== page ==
As the world’s most popular shoe, flip-flops account for a troubling percentage of plastic waste that ends up in landfills, on seashores and in our oceans.
As the world’s most popular shoe, flip-flops account for a troubling percentage of plastic waste that ends up in landfills, on seashores and in our oceans. Scientists at the University of California San Diego have spent years working to resolve this problem, and now they have taken a step further toward accomplishing this mission.
Sticking with their chemistry, the team of researchers formulated polyurethane foams, made from algae oil, to meet commercial specifications for midsole shoes and the foot-bed of flip-flops. The results of their study are published in Bioresource Technology Reports and describe the team’s successful development of these sustainable, consumer-ready and biodegradable materials.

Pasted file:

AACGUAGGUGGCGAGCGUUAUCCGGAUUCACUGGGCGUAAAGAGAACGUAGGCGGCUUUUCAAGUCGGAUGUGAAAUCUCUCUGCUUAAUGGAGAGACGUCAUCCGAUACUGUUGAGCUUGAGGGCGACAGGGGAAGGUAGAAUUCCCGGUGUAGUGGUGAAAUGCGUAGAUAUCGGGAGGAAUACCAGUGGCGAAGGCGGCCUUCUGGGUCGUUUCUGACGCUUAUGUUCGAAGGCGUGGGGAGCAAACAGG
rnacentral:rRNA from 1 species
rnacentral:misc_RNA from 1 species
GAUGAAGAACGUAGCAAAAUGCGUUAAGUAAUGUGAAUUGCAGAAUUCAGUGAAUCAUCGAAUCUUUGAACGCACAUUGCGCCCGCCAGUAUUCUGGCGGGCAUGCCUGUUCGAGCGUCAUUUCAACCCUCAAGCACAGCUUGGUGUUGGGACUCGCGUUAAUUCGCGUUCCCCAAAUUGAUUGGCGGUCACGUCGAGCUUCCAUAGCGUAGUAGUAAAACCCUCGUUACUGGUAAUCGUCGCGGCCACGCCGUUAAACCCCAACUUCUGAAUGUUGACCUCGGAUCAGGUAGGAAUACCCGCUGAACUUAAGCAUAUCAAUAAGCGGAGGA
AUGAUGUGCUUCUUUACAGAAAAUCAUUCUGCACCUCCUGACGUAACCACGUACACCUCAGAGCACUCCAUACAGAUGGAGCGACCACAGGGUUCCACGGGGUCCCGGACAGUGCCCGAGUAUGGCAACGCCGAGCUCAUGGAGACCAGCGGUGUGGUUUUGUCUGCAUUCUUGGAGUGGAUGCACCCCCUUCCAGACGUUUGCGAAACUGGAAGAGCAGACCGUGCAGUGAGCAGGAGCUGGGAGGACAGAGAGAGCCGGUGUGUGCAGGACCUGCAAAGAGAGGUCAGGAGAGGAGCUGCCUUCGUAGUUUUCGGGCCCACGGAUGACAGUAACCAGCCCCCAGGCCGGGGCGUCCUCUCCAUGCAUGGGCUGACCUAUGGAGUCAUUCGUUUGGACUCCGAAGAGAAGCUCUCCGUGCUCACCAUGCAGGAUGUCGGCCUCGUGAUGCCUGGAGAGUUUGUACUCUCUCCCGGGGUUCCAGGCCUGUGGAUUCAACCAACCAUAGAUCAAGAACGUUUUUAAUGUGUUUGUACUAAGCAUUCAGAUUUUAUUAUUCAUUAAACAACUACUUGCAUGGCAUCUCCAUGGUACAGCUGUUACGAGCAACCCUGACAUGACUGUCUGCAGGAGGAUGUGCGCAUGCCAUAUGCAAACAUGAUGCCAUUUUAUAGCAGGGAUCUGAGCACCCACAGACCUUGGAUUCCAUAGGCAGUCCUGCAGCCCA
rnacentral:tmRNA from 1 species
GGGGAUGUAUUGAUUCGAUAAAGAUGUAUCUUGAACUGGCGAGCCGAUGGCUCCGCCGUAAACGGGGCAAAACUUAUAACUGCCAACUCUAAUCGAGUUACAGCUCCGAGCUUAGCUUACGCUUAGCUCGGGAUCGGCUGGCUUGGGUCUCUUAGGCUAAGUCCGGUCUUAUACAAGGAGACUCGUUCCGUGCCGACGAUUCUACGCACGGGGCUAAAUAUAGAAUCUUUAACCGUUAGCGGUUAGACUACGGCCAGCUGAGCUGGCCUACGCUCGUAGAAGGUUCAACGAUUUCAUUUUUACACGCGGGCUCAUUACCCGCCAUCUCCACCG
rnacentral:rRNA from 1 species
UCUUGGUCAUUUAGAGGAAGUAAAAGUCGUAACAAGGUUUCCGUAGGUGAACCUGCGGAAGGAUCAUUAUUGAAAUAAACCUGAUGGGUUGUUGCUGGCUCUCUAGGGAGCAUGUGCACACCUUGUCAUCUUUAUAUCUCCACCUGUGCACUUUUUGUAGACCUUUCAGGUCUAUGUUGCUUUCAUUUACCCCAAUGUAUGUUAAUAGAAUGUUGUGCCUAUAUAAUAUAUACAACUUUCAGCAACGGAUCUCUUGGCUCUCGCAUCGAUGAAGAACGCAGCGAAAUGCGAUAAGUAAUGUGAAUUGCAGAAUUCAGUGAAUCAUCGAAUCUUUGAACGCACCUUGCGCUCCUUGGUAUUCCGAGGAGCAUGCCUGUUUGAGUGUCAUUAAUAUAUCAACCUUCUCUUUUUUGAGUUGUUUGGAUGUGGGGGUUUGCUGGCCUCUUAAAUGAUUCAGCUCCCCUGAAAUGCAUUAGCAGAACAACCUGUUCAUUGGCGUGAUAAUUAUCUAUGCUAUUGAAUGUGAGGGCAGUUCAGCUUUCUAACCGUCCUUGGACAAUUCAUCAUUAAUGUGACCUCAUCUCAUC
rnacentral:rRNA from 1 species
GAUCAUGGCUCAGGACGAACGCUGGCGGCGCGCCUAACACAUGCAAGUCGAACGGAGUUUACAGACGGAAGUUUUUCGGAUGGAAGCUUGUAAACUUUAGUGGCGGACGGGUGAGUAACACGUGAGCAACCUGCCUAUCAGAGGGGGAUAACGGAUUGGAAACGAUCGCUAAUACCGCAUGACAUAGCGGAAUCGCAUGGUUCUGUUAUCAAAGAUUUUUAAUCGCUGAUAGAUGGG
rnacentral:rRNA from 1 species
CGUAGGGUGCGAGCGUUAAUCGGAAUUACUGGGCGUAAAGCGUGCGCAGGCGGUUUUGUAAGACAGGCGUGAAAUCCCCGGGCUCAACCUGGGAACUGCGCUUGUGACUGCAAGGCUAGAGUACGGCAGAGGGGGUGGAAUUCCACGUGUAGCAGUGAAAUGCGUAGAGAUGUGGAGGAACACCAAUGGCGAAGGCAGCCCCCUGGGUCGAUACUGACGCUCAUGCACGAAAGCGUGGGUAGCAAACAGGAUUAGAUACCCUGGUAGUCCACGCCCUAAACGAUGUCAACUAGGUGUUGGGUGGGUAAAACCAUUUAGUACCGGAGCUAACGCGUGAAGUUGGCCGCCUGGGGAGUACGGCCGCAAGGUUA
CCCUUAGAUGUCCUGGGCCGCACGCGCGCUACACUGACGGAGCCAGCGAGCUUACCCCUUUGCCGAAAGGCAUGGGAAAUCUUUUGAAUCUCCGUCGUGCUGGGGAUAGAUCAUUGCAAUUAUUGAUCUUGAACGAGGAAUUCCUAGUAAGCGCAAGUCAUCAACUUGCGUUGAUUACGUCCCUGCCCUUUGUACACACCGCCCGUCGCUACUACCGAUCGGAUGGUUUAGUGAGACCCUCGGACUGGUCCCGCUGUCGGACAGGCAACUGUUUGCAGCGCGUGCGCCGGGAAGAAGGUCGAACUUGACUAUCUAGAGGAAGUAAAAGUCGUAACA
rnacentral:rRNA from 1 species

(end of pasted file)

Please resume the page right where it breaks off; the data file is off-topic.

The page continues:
The research was a collaboration between UC San Diego and startup company Algenesis Materials—a materials science and technology company. The project was co-led by graduate student Natasha Gunawan from the labs of professors Michael Burkart (Division of Physical Sciences) and Stephen Mayfield (Division of Biological Sciences), and by Marissa Tessman from Algenesis. It is the latest in a series of recent research publications that collectively, according to Burkart, offer a complete solution to the plastics problem—at least for polyurethanes.
Read more at University Of California - San Diego
Photo: Commercial-quality biodegradable flip-flops. Photo courtesy of Stephen Mayfield, UC San Diego.